Bess in Show

indira_mahajan1The life of a diva is filled with flowers, but they’re not all red roses flung upon the stage by adoring fans. Sometimes you have to buy the flowers yourself to brighten up a lonely apartment in a strange city.

Such is one of the many rituals of Indira Mahajan during her long months spent on the road working for whatever opera company offers her a job.

But this season is brighter than usual, not only because Ms. Mahajan is in Los Angeles, but because she’s singing a role she grew up on: Bess, in one of the two casts performing in LA Opera’s “Porgy and Bess.”

FineArtsLA spoke to Mahajan about her gypsy lifestyle, the chance to finally play Bess, and the ongoing controversy surrounding the Gershwin opera.

FALA: What’s your ethnic background?

IM: My father is Punjabi and my mother is black American from North Carolina. I was born and raised in New York City.

FALA: How did you become an opera singer?

IM: I started playing the violin at five, and my mother, being an opera singer, saw that I loved performing, so she provided me with opportunity. I went to arts camp and did school plays and ballet. And I grew up in a house where there was always classical music.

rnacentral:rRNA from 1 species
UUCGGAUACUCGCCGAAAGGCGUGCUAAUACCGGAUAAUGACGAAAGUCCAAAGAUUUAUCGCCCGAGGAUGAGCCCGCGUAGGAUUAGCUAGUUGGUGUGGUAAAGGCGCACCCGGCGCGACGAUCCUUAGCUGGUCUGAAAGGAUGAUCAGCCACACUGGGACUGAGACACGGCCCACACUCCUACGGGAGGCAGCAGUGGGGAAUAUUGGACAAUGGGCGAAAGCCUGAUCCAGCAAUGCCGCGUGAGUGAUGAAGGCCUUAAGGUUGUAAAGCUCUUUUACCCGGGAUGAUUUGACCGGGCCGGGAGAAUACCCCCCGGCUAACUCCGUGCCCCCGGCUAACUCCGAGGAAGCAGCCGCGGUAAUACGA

I went to the “Fame” high school and knew that I was going to do something. Then I went to Oberlin College and after I graduated I wasn’t sure if I wanted to sing anymore. I was thinking about public policy and was on my way to a Ph.D. I was discouraged and knew that singing would be a hard career choice. Then I met a teacher who said “Give me a year and let’s see if this is something you can actually do.”

FALA: What were you discouraged about?

IM: I thought there are so many artists and so few possibilities, and I had post-college angst about “What am I going to do with myself?” Just feeling unsure as to whether I could support myself doing this.

FALA: So how did you end up committing to the craft?

IM: I was very fortunate because being in New York I had access to some of the best teachers available. I did an opera workshop and it attracted a lot of managers and agents who go to conservatories to scout new talent. I was really fortunate to get picked up. I thought, “If this manager thinks he can represent me, then let’s go for it.”

FALA: What was your first job?

IM: Musetta in “La Boheme” with New York City Opera. I did a national tour, and then performed at Lincoln Center, and that was just unbelievable. This was 1997.

FALA: Since then you’ve performed in opera companies all around the country. How does that work? Do offers just keep coming in and you’re booked solid two years in advance?

IM: You hope you are. Usually you’re like an independent contractor; you don’t have an exclusive contract with one company. People here about you or you audition and that’s how you get jobs. That’s how you end up working for all these companies within a year. Another company may be doing a “Porgy,” so they’ll fly to LA and see it and hire me for their next one or some other opera. So you just hope you’ll get booked and get work.

FALA: How much throughout the year are you performing?